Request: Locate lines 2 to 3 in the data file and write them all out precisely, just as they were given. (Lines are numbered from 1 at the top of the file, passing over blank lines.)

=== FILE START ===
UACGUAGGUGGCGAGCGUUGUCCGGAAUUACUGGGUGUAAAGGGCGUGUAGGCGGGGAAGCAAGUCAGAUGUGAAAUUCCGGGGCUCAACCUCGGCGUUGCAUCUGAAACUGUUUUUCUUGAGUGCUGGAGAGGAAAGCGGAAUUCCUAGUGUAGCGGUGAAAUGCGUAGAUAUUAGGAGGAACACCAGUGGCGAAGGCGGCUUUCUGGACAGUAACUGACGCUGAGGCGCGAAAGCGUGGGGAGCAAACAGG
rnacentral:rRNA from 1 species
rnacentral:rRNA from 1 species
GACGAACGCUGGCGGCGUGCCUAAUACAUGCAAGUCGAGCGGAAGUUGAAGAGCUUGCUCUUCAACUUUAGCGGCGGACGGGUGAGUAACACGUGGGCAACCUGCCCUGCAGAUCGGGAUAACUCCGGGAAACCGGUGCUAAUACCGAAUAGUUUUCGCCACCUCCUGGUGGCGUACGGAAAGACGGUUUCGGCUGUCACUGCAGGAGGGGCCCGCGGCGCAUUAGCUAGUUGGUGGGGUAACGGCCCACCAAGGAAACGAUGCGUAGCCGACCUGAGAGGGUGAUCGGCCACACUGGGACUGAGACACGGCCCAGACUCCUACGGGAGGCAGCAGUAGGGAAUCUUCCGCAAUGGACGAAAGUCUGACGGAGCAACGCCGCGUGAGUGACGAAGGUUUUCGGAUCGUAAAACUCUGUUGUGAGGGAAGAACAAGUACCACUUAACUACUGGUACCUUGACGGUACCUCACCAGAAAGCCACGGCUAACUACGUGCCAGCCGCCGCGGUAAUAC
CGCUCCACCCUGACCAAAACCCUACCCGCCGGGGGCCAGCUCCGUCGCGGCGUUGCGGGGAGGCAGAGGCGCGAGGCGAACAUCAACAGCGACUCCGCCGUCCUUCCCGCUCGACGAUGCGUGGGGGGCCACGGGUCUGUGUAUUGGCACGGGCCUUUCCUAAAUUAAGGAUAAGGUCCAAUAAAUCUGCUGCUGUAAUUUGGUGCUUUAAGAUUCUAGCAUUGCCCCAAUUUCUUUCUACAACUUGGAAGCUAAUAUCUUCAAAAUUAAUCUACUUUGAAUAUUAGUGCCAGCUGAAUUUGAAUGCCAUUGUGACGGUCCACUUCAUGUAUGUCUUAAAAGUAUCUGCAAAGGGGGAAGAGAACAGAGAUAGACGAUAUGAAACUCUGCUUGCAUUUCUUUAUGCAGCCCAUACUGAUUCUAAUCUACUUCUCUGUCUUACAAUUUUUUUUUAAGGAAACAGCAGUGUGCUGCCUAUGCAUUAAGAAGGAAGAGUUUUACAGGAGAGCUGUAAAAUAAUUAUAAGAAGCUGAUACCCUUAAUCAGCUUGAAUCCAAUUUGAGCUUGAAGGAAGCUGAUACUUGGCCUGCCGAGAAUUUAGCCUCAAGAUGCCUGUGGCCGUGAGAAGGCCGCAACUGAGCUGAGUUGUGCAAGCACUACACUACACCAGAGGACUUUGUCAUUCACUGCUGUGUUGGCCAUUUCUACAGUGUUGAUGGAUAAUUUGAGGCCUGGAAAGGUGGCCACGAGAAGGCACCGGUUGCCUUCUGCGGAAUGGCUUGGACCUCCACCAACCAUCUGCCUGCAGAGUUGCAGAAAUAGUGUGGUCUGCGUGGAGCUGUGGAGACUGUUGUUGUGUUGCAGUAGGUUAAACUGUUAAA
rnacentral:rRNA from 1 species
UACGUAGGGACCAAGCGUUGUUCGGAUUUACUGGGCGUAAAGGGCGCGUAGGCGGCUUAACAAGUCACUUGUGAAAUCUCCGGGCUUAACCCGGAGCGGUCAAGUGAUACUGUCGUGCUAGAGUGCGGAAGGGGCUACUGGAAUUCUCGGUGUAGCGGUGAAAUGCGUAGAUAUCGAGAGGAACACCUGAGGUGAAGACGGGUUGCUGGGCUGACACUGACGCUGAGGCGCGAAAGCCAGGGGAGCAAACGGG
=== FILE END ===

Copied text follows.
rnacentral:rRNA from 1 species
rnacentral:rRNA from 1 species